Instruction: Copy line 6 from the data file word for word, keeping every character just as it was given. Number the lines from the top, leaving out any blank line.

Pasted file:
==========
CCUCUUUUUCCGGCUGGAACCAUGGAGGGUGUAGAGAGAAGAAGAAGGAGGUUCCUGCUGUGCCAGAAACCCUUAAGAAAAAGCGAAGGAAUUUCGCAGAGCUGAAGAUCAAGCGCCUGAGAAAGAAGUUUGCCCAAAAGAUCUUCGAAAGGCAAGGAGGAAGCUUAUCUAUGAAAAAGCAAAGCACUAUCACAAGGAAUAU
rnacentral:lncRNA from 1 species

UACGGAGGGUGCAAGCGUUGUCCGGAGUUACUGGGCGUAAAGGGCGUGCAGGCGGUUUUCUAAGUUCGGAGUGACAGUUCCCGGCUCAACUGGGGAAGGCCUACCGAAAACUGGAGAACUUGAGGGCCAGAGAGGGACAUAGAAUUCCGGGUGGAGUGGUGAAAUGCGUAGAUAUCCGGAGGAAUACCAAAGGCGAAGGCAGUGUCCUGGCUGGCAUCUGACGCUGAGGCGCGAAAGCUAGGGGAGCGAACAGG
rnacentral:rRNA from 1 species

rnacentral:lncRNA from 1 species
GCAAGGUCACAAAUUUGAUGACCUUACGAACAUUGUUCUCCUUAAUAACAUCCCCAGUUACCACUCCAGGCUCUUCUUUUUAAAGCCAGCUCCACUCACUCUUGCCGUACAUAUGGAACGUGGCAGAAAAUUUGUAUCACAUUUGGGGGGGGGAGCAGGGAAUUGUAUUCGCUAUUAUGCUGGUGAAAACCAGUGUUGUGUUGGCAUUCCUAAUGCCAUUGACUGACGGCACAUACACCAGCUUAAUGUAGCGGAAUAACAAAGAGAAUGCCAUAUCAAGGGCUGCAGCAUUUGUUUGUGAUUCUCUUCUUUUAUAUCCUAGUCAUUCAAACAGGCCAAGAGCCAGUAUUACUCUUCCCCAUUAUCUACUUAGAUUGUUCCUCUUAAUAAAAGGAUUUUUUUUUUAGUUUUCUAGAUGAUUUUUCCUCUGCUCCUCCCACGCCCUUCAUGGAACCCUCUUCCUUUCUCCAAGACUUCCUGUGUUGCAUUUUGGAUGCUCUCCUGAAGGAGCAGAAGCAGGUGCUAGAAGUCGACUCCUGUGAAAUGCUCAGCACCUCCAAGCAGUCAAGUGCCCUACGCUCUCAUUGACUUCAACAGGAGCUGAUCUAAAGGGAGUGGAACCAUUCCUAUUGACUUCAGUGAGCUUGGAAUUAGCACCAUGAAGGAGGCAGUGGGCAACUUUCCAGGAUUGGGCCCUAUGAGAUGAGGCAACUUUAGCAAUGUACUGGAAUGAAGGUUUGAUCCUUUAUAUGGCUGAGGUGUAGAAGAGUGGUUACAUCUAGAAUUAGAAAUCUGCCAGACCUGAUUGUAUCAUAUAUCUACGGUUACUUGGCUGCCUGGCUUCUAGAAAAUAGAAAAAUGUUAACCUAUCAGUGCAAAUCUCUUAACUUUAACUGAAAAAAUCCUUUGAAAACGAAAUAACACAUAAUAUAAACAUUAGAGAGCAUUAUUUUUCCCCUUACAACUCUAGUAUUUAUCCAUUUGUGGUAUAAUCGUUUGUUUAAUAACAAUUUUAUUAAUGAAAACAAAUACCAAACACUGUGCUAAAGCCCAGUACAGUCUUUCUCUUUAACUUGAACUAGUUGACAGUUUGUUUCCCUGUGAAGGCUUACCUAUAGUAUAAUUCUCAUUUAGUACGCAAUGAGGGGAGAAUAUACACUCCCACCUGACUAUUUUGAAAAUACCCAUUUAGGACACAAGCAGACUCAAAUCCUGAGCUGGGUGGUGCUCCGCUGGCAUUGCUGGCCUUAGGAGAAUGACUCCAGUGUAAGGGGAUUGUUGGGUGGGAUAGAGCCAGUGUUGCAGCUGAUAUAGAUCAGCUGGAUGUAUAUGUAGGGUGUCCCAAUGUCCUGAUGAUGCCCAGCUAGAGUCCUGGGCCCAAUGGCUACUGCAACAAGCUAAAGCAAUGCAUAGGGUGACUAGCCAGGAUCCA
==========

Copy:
GCAAGGUCACAAAUUUGAUGACCUUACGAACAUUGUUCUCCUUAAUAACAUCCCCAGUUACCACUCCAGGCUCUUCUUUUUAAAGCCAGCUCCACUCACUCUUGCCGUACAUAUGGAACGUGGCAGAAAAUUUGUAUCACAUUUGGGGGGGGGAGCAGGGAAUUGUAUUCGCUAUUAUGCUGGUGAAAACCAGUGUUGUGUUGGCAUUCCUAAUGCCAUUGACUGACGGCACAUACACCAGCUUAAUGUAGCGGAAUAACAAAGAGAAUGCCAUAUCAAGGGCUGCAGCAUUUGUUUGUGAUUCUCUUCUUUUAUAUCCUAGUCAUUCAAACAGGCCAAGAGCCAGUAUUACUCUUCCCCAUUAUCUACUUAGAUUGUUCCUCUUAAUAAAAGGAUUUUUUUUUUAGUUUUCUAGAUGAUUUUUCCUCUGCUCCUCCCACGCCCUUCAUGGAACCCUCUUCCUUUCUCCAAGACUUCCUGUGUUGCAUUUUGGAUGCUCUCCUGAAGGAGCAGAAGCAGGUGCUAGAAGUCGACUCCUGUGAAAUGCUCAGCACCUCCAAGCAGUCAAGUGCCCUACGCUCUCAUUGACUUCAACAGGAGCUGAUCUAAAGGGAGUGGAACCAUUCCUAUUGACUUCAGUGAGCUUGGAAUUAGCACCAUGAAGGAGGCAGUGGGCAACUUUCCAGGAUUGGGCCCUAUGAGAUGAGGCAACUUUAGCAAUGUACUGGAAUGAAGGUUUGAUCCUUUAUAUGGCUGAGGUGUAGAAGAGUGGUUACAUCUAGAAUUAGAAAUCUGCCAGACCUGAUUGUAUCAUAUAUCUACGGUUACUUGGCUGCCUGGCUUCUAGAAAAUAGAAAAAUGUUAACCUAUCAGUGCAAAUCUCUUAACUUUAACUGAAAAAAUCCUUUGAAAACGAAAUAACACAUAAUAUAAACAUUAGAGAGCAUUAUUUUUCCCCUUACAACUCUAGUAUUUAUCCAUUUGUGGUAUAAUCGUUUGUUUAAUAACAAUUUUAUUAAUGAAAACAAAUACCAAACACUGUGCUAAAGCCCAGUACAGUCUUUCUCUUUAACUUGAACUAGUUGACAGUUUGUUUCCCUGUGAAGGCUUACCUAUAGUAUAAUUCUCAUUUAGUACGCAAUGAGGGGAGAAUAUACACUCCCACCUGACUAUUUUGAAAAUACCCAUUUAGGACACAAGCAGACUCAAAUCCUGAGCUGGGUGGUGCUCCGCUGGCAUUGCUGGCCUUAGGAGAAUGACUCCAGUGUAAGGGGAUUGUUGGGUGGGAUAGAGCCAGUGUUGCAGCUGAUAUAGAUCAGCUGGAUGUAUAUGUAGGGUGUCCCAAUGUCCUGAUGAUGCCCAGCUAGAGUCCUGGGCCCAAUGGCUACUGCAACAAGCUAAAGCAAUGCAUAGGGUGACUAGCCAGGAUCCA